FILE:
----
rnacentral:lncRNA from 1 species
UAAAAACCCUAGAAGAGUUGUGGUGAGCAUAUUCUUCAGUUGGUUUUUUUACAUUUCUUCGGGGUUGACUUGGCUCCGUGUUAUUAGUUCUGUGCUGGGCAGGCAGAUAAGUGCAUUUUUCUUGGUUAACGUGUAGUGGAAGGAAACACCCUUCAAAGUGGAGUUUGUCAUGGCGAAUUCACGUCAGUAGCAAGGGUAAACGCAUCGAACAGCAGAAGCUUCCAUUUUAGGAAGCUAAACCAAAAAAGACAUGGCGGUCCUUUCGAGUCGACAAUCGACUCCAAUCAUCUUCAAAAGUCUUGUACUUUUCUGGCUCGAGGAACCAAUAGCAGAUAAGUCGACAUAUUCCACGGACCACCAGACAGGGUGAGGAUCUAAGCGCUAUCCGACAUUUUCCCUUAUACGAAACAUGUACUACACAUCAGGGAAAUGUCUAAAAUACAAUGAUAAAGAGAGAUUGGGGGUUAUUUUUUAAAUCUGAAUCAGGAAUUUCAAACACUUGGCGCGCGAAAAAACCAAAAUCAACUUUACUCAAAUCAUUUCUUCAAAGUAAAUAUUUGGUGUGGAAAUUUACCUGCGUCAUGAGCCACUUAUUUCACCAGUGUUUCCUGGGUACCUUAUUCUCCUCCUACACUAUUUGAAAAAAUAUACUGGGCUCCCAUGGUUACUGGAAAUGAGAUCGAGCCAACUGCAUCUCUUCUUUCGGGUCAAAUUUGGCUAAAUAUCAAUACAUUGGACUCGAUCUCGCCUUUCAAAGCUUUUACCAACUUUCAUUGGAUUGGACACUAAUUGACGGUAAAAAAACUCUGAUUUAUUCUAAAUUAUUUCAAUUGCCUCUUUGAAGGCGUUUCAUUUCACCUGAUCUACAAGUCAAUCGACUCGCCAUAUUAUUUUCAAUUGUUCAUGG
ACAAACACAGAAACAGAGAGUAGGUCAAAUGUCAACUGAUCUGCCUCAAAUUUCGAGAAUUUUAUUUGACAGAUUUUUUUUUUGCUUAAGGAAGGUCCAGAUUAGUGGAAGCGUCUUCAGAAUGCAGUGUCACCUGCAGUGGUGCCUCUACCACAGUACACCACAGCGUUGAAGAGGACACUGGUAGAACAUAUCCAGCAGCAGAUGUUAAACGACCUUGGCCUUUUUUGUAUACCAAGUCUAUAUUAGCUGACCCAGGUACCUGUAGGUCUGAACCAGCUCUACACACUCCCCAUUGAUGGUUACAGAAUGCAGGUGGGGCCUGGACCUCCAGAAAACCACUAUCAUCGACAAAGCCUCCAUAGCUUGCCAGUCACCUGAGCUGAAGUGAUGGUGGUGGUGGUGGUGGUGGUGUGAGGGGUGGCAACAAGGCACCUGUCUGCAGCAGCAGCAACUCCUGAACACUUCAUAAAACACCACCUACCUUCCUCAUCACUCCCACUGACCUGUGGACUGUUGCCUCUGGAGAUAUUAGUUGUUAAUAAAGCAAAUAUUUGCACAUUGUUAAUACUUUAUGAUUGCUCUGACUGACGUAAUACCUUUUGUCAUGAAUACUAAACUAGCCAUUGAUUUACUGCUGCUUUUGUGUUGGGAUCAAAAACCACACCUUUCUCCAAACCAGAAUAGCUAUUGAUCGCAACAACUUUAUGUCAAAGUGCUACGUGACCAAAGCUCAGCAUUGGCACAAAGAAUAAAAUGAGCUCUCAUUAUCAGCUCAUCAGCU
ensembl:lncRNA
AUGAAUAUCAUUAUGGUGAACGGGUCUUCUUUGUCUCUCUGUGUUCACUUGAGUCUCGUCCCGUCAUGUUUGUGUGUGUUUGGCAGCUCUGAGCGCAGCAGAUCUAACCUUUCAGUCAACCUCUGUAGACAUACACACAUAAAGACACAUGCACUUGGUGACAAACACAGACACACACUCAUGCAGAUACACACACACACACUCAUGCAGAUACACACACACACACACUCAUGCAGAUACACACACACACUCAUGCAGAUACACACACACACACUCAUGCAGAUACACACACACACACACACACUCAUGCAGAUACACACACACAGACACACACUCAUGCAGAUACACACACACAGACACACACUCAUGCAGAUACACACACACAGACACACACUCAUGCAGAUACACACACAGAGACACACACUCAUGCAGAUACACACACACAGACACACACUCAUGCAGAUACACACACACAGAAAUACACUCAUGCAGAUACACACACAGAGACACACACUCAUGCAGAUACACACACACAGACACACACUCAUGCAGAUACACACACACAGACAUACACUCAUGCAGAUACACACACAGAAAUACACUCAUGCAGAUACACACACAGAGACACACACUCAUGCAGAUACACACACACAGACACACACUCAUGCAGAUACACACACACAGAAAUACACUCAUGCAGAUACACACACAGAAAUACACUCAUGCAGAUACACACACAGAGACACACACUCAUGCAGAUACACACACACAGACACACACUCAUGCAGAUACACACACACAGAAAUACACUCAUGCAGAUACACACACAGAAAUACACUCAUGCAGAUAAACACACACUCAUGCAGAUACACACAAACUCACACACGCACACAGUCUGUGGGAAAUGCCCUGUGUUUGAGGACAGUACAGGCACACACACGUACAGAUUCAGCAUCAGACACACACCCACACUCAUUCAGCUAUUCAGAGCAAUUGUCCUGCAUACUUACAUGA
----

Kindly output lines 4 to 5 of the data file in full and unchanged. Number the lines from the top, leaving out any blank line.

ensembl:lncRNA
AUGAAUAUCAUUAUGGUGAACGGGUCUUCUUUGUCUCUCUGUGUUCACUUGAGUCUCGUCCCGUCAUGUUUGUGUGUGUUUGGCAGCUCUGAGCGCAGCAGAUCUAACCUUUCAGUCAACCUCUGUAGACAUACACACAUAAAGACACAUGCACUUGGUGACAAACACAGACACACACUCAUGCAGAUACACACACACACACUCAUGCAGAUACACACACACACACACUCAUGCAGAUACACACACACACUCAUGCAGAUACACACACACACACUCAUGCAGAUACACACACACACACACACACUCAUGCAGAUACACACACACAGACACACACUCAUGCAGAUACACACACACAGACACACACUCAUGCAGAUACACACACACAGACACACACUCAUGCAGAUACACACACAGAGACACACACUCAUGCAGAUACACACACACAGACACACACUCAUGCAGAUACACACACACAGAAAUACACUCAUGCAGAUACACACACAGAGACACACACUCAUGCAGAUACACACACACAGACACACACUCAUGCAGAUACACACACACAGACAUACACUCAUGCAGAUACACACACAGAAAUACACUCAUGCAGAUACACACACAGAGACACACACUCAUGCAGAUACACACACACAGACACACACUCAUGCAGAUACACACACACAGAAAUACACUCAUGCAGAUACACACACAGAAAUACACUCAUGCAGAUACACACACAGAGACACACACUCAUGCAGAUACACACACACAGACACACACUCAUGCAGAUACACACACACAGAAAUACACUCAUGCAGAUACACACACAGAAAUACACUCAUGCAGAUAAACACACACUCAUGCAGAUACACACAAACUCACACACGCACACAGUCUGUGGGAAAUGCCCUGUGUUUGAGGACAGUACAGGCACACACACGUACAGAUUCAGCAUCAGACACACACCCACACUCAUUCAGCUAUUCAGAGCAAUUGUCCUGCAUACUUACAUGA